Bloom where you are planted, the saying goes.
But, what if we’re not blooming where we’ve taken root? Do we just stay put, confined to whatever or whoever is stifling our growth? Or, do we pick up stakes, literally or figuratively, and try to blossom elsewhere?
My garden provides lessons in this theory all the time. Most of the time I get lucky and place plants and flowers where they thrive under the right amount of sun, shade, and moisture. But, sometimes, despite my best efforts, it doesn’t quite work out. So, I dig the plant up and move it to a different spot. Sometimes it takes a little more work.
The most recent lesson came from a little sweet potato vine. I love the vibrant chartreuse, heart-shaped leaves of the plant. The vines make great accents in flower pots, as they grow and flow around the planter.
Except in the case of this one little sweet potato vine I had in a planter on my deck.
It simply refused to grow.
I watered it, trimmed it, and turned the planter.
But, it refused to grow.
I even filled its little pores with music from the speaker on my deck.
Still, it refused to grow.
So, I gave in, capitulating to forces beyond my control. I considered throwing the plant out, but those of you who know me well, are aware that along with refusing to kill any living thing, I’m also pretty stubborn.
Instead, I dug a hole by the base of my steps, beside a dwarf butterfly bush, and tucked the little shy vine into the ground. I lovingly patted the dirt on top of the newly transferred Ipomoea batatas, sprinkled some water on it, and hoped for the best.
Virginia Hamilton, the most honored author of children’s literature did just that. As a young writer, she was encouraged by one of her professors to leave Antioch College in Yellow Springs, to learn from another instructor at The Ohio State University. The professor there encouraged her to spread her wings and head to New York City. It’s what a writer did back in the 1950s. While there, Virginia’s writing not only flourished, but she also met the love of her life, poet and teacher Arnold Adoff. The couple eventually moved back to Yellow Springs, but the roots of Virginia’s writing deepened after transplanting herself to a new environment.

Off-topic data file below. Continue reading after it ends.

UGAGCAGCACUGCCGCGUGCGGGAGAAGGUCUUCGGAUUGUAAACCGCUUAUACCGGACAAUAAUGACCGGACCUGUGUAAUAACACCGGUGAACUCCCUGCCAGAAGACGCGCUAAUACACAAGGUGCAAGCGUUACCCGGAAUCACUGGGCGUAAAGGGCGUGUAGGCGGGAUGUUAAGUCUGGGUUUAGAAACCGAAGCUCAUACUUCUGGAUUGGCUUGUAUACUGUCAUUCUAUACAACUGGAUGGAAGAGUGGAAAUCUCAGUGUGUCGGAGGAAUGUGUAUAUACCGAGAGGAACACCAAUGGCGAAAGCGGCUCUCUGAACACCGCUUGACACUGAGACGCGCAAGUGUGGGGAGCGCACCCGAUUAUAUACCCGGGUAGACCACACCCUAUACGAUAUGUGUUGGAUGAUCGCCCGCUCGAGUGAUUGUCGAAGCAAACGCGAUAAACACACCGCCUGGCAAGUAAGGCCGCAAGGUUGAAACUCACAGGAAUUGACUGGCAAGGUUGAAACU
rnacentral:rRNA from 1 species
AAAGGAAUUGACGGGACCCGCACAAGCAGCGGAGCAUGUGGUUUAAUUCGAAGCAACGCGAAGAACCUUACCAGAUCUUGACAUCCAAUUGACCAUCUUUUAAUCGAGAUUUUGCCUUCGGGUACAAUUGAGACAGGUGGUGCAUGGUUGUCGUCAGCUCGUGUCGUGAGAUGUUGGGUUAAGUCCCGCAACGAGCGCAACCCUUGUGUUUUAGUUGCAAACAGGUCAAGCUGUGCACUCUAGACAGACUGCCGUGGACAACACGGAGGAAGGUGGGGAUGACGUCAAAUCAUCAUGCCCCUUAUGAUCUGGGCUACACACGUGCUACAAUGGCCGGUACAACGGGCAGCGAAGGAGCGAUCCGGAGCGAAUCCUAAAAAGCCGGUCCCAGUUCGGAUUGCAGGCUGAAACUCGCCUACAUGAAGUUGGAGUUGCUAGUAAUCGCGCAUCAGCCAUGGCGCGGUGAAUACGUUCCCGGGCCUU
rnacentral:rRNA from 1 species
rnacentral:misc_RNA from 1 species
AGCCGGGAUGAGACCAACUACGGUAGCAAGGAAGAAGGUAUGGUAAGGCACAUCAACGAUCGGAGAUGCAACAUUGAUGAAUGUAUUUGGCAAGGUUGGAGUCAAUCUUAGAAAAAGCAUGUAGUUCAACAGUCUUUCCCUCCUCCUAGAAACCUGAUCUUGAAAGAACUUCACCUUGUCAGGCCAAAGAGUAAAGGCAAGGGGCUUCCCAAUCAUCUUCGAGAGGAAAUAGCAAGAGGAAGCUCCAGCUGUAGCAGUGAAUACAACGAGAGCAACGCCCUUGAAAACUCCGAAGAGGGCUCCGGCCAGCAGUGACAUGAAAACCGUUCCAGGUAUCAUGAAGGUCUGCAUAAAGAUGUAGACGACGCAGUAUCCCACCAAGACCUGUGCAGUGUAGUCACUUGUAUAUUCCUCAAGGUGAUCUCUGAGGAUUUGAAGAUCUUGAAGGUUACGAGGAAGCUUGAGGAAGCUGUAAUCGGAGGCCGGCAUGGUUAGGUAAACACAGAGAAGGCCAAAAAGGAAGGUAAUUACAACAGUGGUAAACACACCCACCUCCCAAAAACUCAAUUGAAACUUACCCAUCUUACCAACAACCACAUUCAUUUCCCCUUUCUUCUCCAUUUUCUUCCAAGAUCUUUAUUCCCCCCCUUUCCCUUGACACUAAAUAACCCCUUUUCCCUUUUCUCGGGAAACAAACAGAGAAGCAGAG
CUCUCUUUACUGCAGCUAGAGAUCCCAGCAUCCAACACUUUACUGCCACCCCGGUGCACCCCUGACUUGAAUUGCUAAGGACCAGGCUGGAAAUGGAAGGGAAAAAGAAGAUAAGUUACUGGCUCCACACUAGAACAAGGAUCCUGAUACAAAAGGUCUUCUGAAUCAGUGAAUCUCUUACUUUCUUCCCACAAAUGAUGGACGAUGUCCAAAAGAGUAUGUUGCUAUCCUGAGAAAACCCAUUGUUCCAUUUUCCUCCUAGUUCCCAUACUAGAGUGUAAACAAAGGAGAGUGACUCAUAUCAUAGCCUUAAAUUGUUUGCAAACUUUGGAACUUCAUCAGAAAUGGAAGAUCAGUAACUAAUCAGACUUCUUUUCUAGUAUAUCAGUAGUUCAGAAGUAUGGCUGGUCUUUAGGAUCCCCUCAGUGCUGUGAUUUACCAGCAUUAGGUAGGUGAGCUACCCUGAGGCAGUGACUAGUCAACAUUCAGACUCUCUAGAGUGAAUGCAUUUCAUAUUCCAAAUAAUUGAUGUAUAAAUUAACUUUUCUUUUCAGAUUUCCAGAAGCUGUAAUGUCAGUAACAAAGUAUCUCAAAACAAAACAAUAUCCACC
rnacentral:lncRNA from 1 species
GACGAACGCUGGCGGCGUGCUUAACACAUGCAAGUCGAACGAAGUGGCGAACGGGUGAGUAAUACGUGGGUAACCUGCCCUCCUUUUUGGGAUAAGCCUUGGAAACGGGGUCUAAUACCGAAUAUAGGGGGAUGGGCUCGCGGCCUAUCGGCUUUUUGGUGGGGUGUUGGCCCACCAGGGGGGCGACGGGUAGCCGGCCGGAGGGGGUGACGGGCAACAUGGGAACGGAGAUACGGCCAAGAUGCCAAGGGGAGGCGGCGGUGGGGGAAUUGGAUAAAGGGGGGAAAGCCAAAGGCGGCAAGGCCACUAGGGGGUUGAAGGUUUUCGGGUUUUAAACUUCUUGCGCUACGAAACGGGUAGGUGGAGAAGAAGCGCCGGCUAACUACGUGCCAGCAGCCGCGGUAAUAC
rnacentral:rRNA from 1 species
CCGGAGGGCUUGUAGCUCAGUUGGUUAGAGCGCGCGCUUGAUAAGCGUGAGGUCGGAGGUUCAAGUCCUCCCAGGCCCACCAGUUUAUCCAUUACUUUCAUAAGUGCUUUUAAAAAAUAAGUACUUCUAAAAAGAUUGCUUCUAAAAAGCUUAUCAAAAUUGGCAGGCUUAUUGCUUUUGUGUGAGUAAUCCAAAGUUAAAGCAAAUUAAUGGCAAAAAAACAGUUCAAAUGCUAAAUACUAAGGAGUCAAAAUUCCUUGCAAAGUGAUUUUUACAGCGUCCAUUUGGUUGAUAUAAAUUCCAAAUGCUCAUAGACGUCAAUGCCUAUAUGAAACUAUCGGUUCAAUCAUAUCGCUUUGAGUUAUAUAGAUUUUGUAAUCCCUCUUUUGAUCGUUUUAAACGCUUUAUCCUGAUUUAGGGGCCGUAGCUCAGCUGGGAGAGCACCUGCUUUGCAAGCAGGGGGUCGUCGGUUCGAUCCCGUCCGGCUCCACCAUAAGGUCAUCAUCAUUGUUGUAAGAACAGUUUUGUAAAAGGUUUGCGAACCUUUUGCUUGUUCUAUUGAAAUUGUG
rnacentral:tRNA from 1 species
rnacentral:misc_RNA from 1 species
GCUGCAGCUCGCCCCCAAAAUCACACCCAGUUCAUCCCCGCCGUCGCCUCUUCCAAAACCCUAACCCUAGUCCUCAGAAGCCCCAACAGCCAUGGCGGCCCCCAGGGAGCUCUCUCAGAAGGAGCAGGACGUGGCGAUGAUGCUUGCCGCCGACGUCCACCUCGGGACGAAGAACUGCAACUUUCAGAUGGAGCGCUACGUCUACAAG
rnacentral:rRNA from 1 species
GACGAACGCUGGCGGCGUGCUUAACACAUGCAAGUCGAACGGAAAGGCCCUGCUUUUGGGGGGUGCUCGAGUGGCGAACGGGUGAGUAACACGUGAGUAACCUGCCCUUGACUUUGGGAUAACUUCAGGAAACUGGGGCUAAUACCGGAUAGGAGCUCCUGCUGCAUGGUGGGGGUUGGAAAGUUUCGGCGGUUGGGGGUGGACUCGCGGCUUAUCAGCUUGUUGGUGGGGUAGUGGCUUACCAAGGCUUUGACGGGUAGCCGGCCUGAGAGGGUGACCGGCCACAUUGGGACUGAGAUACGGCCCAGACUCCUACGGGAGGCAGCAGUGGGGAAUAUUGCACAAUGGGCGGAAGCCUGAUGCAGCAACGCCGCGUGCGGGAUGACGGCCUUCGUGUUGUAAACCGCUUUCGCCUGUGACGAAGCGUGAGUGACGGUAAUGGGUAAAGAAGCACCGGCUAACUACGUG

My little sweet potato vine is also a reflection of my personal journey. For a time, I found myself committing to opportunities that although they were very fulfilling, didn’t seem to reflect my purpose. Eventually, I felt as though I was living a life that was taking me in a direction other than what I felt entirely comfortable with. I was beginning to feel stuck and going through the paces based on others’ expectations.
As life came to a crossroads, a dear friend of mine offered great advice. “Jules, look in a mirror, and ask yourself, what brings you the most joy,” Susan said. Before the conversation was over, I knew the answer to the question. Writing, researching, and sharing inspiring true stories with children is my jam. And, I can do this anywhere.
So, I transplanted myself. Always longing to live along the banks of the Maumee River, my husband and I found the perfect home for us. While I work in my office, I’m inspired by the sights and sounds of nature, from fox stalking the banks, to the screeches and squawks of six juvenile eagles who soar above. New writing opportunities continue to develop and present themselves, and my soul feels at peace. I’m thriving.
Maybe if you’re feeling stuck, if people or circumstances in your life are holding you back, you might want to consider uprooting, physically or emotionally. Try and find the conditions that are just right for you to grow and flourish.
It doesn’t have to be a huge effort, sometimes even the smallest measures make a difference. Take a walk in the sun, dance in the rain. Nurture your soul by calling a friend you haven’t talked to in a while.
Just like my little sweet potato vine, sometimes a little change is good.